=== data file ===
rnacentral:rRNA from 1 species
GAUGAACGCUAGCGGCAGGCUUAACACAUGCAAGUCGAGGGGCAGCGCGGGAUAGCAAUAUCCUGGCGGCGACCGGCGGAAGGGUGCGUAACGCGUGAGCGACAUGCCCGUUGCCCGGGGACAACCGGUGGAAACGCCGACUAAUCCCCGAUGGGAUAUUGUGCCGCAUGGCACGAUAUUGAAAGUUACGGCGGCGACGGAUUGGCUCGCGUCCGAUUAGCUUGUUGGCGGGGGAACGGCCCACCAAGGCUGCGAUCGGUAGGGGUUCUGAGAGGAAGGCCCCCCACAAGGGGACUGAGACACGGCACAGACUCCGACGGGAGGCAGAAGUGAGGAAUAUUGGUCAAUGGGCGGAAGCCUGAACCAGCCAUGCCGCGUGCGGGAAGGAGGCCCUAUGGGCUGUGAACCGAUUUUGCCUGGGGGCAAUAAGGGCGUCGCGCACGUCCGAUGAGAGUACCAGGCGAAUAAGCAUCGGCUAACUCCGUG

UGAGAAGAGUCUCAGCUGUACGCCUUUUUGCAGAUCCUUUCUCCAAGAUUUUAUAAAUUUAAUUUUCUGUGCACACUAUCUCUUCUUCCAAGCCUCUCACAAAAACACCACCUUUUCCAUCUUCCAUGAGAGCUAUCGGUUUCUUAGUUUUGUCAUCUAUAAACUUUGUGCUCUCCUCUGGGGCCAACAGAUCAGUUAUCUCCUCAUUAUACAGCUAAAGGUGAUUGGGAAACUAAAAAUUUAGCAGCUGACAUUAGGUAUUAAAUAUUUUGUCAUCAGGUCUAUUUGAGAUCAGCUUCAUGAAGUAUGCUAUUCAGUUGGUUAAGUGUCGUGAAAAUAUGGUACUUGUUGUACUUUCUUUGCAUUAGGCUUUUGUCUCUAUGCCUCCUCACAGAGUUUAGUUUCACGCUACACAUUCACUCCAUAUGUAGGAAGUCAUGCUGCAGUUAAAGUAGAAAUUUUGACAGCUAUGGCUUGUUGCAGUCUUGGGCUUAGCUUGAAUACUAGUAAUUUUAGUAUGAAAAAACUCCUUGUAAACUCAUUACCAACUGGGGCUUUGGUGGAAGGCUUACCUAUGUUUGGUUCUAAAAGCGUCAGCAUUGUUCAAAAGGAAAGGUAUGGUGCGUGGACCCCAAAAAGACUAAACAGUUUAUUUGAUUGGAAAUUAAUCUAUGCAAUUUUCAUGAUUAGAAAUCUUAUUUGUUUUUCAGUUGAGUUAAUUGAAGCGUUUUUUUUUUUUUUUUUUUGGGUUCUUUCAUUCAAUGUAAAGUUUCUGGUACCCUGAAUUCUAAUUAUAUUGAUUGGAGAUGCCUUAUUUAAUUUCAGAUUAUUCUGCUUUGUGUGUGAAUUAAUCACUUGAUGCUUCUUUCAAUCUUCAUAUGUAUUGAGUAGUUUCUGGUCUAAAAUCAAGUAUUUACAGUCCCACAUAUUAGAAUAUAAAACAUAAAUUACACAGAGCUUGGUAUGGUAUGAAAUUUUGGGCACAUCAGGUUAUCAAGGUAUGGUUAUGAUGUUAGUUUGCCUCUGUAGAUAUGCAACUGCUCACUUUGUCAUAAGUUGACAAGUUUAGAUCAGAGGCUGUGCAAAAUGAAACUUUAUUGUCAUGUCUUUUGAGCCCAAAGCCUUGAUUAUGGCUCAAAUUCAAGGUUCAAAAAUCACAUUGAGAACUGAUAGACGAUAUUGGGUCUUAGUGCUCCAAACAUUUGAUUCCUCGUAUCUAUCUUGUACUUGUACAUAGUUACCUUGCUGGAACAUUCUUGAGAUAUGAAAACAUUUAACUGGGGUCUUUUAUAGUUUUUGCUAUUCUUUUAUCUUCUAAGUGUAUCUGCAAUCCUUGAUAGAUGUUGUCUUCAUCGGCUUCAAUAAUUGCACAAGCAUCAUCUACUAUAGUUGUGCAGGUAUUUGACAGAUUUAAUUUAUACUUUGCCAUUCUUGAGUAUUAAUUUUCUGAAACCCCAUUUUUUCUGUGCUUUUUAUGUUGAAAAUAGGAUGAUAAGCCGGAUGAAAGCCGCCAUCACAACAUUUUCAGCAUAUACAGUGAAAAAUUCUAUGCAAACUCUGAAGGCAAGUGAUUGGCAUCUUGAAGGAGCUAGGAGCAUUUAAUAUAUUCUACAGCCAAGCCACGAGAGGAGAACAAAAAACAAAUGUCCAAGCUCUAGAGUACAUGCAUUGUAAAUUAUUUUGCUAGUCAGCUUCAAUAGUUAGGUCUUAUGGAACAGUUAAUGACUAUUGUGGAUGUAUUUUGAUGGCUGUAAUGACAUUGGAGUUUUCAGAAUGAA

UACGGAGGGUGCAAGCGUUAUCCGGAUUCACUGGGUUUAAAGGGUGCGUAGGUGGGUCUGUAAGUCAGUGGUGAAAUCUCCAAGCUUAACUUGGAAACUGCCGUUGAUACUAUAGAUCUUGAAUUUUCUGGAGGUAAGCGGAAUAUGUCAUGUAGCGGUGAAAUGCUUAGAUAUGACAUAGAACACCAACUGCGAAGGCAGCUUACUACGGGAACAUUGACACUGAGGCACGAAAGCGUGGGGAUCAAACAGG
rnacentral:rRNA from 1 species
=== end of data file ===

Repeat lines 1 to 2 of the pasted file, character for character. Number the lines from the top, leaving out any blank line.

rnacentral:rRNA from 1 species
GAUGAACGCUAGCGGCAGGCUUAACACAUGCAAGUCGAGGGGCAGCGCGGGAUAGCAAUAUCCUGGCGGCGACCGGCGGAAGGGUGCGUAACGCGUGAGCGACAUGCCCGUUGCCCGGGGACAACCGGUGGAAACGCCGACUAAUCCCCGAUGGGAUAUUGUGCCGCAUGGCACGAUAUUGAAAGUUACGGCGGCGACGGAUUGGCUCGCGUCCGAUUAGCUUGUUGGCGGGGGAACGGCCCACCAAGGCUGCGAUCGGUAGGGGUUCUGAGAGGAAGGCCCCCCACAAGGGGACUGAGACACGGCACAGACUCCGACGGGAGGCAGAAGUGAGGAAUAUUGGUCAAUGGGCGGAAGCCUGAACCAGCCAUGCCGCGUGCGGGAAGGAGGCCCUAUGGGCUGUGAACCGAUUUUGCCUGGGGGCAAUAAGGGCGUCGCGCACGUCCGAUGAGAGUACCAGGCGAAUAAGCAUCGGCUAACUCCGUG